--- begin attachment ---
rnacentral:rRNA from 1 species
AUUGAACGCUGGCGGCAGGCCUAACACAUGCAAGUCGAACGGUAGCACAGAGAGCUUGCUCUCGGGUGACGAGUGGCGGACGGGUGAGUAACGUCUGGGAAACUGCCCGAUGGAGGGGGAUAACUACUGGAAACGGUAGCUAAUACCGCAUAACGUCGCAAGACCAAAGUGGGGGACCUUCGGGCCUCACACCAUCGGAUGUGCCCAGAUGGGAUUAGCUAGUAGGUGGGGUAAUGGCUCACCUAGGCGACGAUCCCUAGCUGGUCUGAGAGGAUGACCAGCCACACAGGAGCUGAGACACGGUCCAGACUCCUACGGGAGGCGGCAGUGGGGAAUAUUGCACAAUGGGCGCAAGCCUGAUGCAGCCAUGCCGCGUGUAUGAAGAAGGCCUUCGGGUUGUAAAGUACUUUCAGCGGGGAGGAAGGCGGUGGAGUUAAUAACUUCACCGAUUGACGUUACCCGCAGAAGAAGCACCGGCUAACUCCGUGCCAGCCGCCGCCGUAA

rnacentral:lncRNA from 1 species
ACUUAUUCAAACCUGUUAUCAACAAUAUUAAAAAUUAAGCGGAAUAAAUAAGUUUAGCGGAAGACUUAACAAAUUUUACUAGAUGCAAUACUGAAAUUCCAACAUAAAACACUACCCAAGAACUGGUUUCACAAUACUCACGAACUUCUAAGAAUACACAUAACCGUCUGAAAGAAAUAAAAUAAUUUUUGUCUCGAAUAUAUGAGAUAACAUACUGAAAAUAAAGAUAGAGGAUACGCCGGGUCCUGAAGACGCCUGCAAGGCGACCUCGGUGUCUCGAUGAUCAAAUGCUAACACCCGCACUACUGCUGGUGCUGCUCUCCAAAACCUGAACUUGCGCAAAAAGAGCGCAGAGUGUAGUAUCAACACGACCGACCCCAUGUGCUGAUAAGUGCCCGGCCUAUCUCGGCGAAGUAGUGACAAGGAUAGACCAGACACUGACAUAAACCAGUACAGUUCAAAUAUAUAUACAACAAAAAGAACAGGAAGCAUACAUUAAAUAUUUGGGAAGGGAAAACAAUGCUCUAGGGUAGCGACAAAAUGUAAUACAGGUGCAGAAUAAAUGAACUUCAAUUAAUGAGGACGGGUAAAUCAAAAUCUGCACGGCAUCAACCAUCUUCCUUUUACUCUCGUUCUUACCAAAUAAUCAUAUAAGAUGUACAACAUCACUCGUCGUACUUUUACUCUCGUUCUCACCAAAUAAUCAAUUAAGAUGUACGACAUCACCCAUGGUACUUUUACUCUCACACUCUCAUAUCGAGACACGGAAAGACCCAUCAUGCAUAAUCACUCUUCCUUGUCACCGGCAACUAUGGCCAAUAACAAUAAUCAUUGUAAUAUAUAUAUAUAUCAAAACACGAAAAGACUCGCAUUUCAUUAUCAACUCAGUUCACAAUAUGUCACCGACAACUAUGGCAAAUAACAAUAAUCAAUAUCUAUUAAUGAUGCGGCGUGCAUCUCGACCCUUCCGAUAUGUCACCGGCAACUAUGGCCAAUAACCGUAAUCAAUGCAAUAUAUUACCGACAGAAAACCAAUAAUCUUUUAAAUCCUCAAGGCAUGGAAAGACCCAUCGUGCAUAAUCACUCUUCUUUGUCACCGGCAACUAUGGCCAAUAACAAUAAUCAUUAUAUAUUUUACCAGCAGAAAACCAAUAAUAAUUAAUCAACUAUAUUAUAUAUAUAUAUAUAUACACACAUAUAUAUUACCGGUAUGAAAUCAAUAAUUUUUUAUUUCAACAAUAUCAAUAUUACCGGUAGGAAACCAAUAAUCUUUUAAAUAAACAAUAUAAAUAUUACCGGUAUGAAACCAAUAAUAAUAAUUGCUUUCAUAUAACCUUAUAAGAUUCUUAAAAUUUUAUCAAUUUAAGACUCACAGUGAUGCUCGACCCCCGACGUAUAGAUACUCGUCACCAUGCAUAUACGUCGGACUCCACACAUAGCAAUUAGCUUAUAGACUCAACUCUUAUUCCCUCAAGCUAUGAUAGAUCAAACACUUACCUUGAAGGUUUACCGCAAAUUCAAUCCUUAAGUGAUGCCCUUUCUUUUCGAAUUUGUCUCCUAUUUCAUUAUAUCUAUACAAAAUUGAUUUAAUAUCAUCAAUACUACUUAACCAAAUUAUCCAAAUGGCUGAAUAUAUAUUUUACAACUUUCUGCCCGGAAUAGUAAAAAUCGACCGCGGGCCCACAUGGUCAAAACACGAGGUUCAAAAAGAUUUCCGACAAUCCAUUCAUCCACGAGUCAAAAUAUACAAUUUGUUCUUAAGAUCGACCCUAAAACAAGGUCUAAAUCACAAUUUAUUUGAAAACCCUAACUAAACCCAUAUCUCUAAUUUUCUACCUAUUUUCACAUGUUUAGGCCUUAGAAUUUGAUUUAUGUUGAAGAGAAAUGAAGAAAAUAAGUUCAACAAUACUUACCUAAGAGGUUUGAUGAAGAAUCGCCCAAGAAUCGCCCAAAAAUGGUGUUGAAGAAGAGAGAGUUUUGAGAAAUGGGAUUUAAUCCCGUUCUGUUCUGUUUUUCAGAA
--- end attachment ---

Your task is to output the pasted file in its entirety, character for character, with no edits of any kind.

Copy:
rnacentral:rRNA from 1 species
AUUGAACGCUGGCGGCAGGCCUAACACAUGCAAGUCGAACGGUAGCACAGAGAGCUUGCUCUCGGGUGACGAGUGGCGGACGGGUGAGUAACGUCUGGGAAACUGCCCGAUGGAGGGGGAUAACUACUGGAAACGGUAGCUAAUACCGCAUAACGUCGCAAGACCAAAGUGGGGGACCUUCGGGCCUCACACCAUCGGAUGUGCCCAGAUGGGAUUAGCUAGUAGGUGGGGUAAUGGCUCACCUAGGCGACGAUCCCUAGCUGGUCUGAGAGGAUGACCAGCCACACAGGAGCUGAGACACGGUCCAGACUCCUACGGGAGGCGGCAGUGGGGAAUAUUGCACAAUGGGCGCAAGCCUGAUGCAGCCAUGCCGCGUGUAUGAAGAAGGCCUUCGGGUUGUAAAGUACUUUCAGCGGGGAGGAAGGCGGUGGAGUUAAUAACUUCACCGAUUGACGUUACCCGCAGAAGAAGCACCGGCUAACUCCGUGCCAGCCGCCGCCGUAA

rnacentral:lncRNA from 1 species
ACUUAUUCAAACCUGUUAUCAACAAUAUUAAAAAUUAAGCGGAAUAAAUAAGUUUAGCGGAAGACUUAACAAAUUUUACUAGAUGCAAUACUGAAAUUCCAACAUAAAACACUACCCAAGAACUGGUUUCACAAUACUCACGAACUUCUAAGAAUACACAUAACCGUCUGAAAGAAAUAAAAUAAUUUUUGUCUCGAAUAUAUGAGAUAACAUACUGAAAAUAAAGAUAGAGGAUACGCCGGGUCCUGAAGACGCCUGCAAGGCGACCUCGGUGUCUCGAUGAUCAAAUGCUAACACCCGCACUACUGCUGGUGCUGCUCUCCAAAACCUGAACUUGCGCAAAAAGAGCGCAGAGUGUAGUAUCAACACGACCGACCCCAUGUGCUGAUAAGUGCCCGGCCUAUCUCGGCGAAGUAGUGACAAGGAUAGACCAGACACUGACAUAAACCAGUACAGUUCAAAUAUAUAUACAACAAAAAGAACAGGAAGCAUACAUUAAAUAUUUGGGAAGGGAAAACAAUGCUCUAGGGUAGCGACAAAAUGUAAUACAGGUGCAGAAUAAAUGAACUUCAAUUAAUGAGGACGGGUAAAUCAAAAUCUGCACGGCAUCAACCAUCUUCCUUUUACUCUCGUUCUUACCAAAUAAUCAUAUAAGAUGUACAACAUCACUCGUCGUACUUUUACUCUCGUUCUCACCAAAUAAUCAAUUAAGAUGUACGACAUCACCCAUGGUACUUUUACUCUCACACUCUCAUAUCGAGACACGGAAAGACCCAUCAUGCAUAAUCACUCUUCCUUGUCACCGGCAACUAUGGCCAAUAACAAUAAUCAUUGUAAUAUAUAUAUAUAUCAAAACACGAAAAGACUCGCAUUUCAUUAUCAACUCAGUUCACAAUAUGUCACCGACAACUAUGGCAAAUAACAAUAAUCAAUAUCUAUUAAUGAUGCGGCGUGCAUCUCGACCCUUCCGAUAUGUCACCGGCAACUAUGGCCAAUAACCGUAAUCAAUGCAAUAUAUUACCGACAGAAAACCAAUAAUCUUUUAAAUCCUCAAGGCAUGGAAAGACCCAUCGUGCAUAAUCACUCUUCUUUGUCACCGGCAACUAUGGCCAAUAACAAUAAUCAUUAUAUAUUUUACCAGCAGAAAACCAAUAAUAAUUAAUCAACUAUAUUAUAUAUAUAUAUAUAUACACACAUAUAUAUUACCGGUAUGAAAUCAAUAAUUUUUUAUUUCAACAAUAUCAAUAUUACCGGUAGGAAACCAAUAAUCUUUUAAAUAAACAAUAUAAAUAUUACCGGUAUGAAACCAAUAAUAAUAAUUGCUUUCAUAUAACCUUAUAAGAUUCUUAAAAUUUUAUCAAUUUAAGACUCACAGUGAUGCUCGACCCCCGACGUAUAGAUACUCGUCACCAUGCAUAUACGUCGGACUCCACACAUAGCAAUUAGCUUAUAGACUCAACUCUUAUUCCCUCAAGCUAUGAUAGAUCAAACACUUACCUUGAAGGUUUACCGCAAAUUCAAUCCUUAAGUGAUGCCCUUUCUUUUCGAAUUUGUCUCCUAUUUCAUUAUAUCUAUACAAAAUUGAUUUAAUAUCAUCAAUACUACUUAACCAAAUUAUCCAAAUGGCUGAAUAUAUAUUUUACAACUUUCUGCCCGGAAUAGUAAAAAUCGACCGCGGGCCCACAUGGUCAAAACACGAGGUUCAAAAAGAUUUCCGACAAUCCAUUCAUCCACGAGUCAAAAUAUACAAUUUGUUCUUAAGAUCGACCCUAAAACAAGGUCUAAAUCACAAUUUAUUUGAAAACCCUAACUAAACCCAUAUCUCUAAUUUUCUACCUAUUUUCACAUGUUUAGGCCUUAGAAUUUGAUUUAUGUUGAAGAGAAAUGAAGAAAAUAAGUUCAACAAUACUUACCUAAGAGGUUUGAUGAAGAAUCGCCCAAGAAUCGCCCAAAAAUGGUGUUGAAGAAGAGAGAGUUUUGAGAAAUGGGAUUUAAUCCCGUUCUGUUCUGUUUUUCAGAA